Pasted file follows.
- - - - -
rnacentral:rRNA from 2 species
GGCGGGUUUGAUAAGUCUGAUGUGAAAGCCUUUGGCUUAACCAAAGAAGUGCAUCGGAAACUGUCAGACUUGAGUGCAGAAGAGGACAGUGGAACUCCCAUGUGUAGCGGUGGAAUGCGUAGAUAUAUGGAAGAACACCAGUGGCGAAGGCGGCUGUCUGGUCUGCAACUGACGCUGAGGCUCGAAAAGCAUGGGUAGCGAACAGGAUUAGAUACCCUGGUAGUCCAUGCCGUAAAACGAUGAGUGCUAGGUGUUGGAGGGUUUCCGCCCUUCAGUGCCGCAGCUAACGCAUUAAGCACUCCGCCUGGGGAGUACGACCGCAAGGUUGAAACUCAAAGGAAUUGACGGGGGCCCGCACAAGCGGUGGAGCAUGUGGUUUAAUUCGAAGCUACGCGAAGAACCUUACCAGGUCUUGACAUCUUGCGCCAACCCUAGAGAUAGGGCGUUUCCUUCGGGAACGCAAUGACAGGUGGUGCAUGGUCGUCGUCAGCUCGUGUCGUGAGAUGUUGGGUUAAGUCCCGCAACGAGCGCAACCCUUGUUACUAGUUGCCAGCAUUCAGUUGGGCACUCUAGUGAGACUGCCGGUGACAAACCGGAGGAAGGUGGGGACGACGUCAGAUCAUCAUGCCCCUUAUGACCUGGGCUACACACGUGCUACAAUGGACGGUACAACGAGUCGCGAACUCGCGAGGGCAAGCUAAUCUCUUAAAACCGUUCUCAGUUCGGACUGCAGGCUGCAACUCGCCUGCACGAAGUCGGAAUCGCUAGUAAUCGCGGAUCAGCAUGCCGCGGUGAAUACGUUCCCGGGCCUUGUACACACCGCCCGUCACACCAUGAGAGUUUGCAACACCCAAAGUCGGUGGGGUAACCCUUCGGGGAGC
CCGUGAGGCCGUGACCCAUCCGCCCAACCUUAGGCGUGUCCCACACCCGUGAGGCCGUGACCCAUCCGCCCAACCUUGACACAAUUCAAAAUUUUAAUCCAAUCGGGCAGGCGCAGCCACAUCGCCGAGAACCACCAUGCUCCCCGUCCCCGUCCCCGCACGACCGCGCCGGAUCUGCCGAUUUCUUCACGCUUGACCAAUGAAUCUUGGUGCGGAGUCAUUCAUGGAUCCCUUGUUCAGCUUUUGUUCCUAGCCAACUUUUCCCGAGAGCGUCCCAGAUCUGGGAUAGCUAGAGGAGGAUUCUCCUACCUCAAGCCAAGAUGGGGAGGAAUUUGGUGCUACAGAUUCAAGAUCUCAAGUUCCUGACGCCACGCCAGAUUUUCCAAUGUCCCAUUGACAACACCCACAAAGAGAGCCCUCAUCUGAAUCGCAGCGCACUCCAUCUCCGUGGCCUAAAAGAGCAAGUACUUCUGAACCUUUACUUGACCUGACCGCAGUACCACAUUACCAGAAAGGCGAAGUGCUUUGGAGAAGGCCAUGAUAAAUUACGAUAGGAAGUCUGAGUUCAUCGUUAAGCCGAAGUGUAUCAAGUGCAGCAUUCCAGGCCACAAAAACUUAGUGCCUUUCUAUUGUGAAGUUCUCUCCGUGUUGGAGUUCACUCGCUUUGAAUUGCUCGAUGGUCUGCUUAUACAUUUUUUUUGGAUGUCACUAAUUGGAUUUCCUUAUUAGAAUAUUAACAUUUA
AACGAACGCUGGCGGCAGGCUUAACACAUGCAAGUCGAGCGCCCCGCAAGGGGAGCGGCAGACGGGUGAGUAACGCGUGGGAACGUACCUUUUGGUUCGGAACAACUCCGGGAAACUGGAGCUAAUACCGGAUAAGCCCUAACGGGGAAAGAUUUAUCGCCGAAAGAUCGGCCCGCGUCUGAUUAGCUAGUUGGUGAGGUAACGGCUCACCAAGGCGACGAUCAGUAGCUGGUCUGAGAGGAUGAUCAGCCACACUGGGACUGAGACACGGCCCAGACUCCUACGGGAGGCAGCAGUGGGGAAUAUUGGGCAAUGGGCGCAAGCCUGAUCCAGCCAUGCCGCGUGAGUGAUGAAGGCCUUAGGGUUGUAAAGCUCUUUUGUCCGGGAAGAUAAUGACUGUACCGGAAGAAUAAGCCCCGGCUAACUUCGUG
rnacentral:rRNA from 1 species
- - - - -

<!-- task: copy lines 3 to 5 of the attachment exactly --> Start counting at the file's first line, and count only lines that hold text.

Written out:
CCGUGAGGCCGUGACCCAUCCGCCCAACCUUAGGCGUGUCCCACACCCGUGAGGCCGUGACCCAUCCGCCCAACCUUGACACAAUUCAAAAUUUUAAUCCAAUCGGGCAGGCGCAGCCACAUCGCCGAGAACCACCAUGCUCCCCGUCCCCGUCCCCGCACGACCGCGCCGGAUCUGCCGAUUUCUUCACGCUUGACCAAUGAAUCUUGGUGCGGAGUCAUUCAUGGAUCCCUUGUUCAGCUUUUGUUCCUAGCCAACUUUUCCCGAGAGCGUCCCAGAUCUGGGAUAGCUAGAGGAGGAUUCUCCUACCUCAAGCCAAGAUGGGGAGGAAUUUGGUGCUACAGAUUCAAGAUCUCAAGUUCCUGACGCCACGCCAGAUUUUCCAAUGUCCCAUUGACAACACCCACAAAGAGAGCCCUCAUCUGAAUCGCAGCGCACUCCAUCUCCGUGGCCUAAAAGAGCAAGUACUUCUGAACCUUUACUUGACCUGACCGCAGUACCACAUUACCAGAAAGGCGAAGUGCUUUGGAGAAGGCCAUGAUAAAUUACGAUAGGAAGUCUGAGUUCAUCGUUAAGCCGAAGUGUAUCAAGUGCAGCAUUCCAGGCCACAAAAACUUAGUGCCUUUCUAUUGUGAAGUUCUCUCCGUGUUGGAGUUCACUCGCUUUGAAUUGCUCGAUGGUCUGCUUAUACAUUUUUUUUGGAUGUCACUAAUUGGAUUUCCUUAUUAGAAUAUUAACAUUUA
AACGAACGCUGGCGGCAGGCUUAACACAUGCAAGUCGAGCGCCCCGCAAGGGGAGCGGCAGACGGGUGAGUAACGCGUGGGAACGUACCUUUUGGUUCGGAACAACUCCGGGAAACUGGAGCUAAUACCGGAUAAGCCCUAACGGGGAAAGAUUUAUCGCCGAAAGAUCGGCCCGCGUCUGAUUAGCUAGUUGGUGAGGUAACGGCUCACCAAGGCGACGAUCAGUAGCUGGUCUGAGAGGAUGAUCAGCCACACUGGGACUGAGACACGGCCCAGACUCCUACGGGAGGCAGCAGUGGGGAAUAUUGGGCAAUGGGCGCAAGCCUGAUCCAGCCAUGCCGCGUGAGUGAUGAAGGCCUUAGGGUUGUAAAGCUCUUUUGUCCGGGAAGAUAAUGACUGUACCGGAAGAAUAAGCCCCGGCUAACUUCGUG
rnacentral:rRNA from 1 species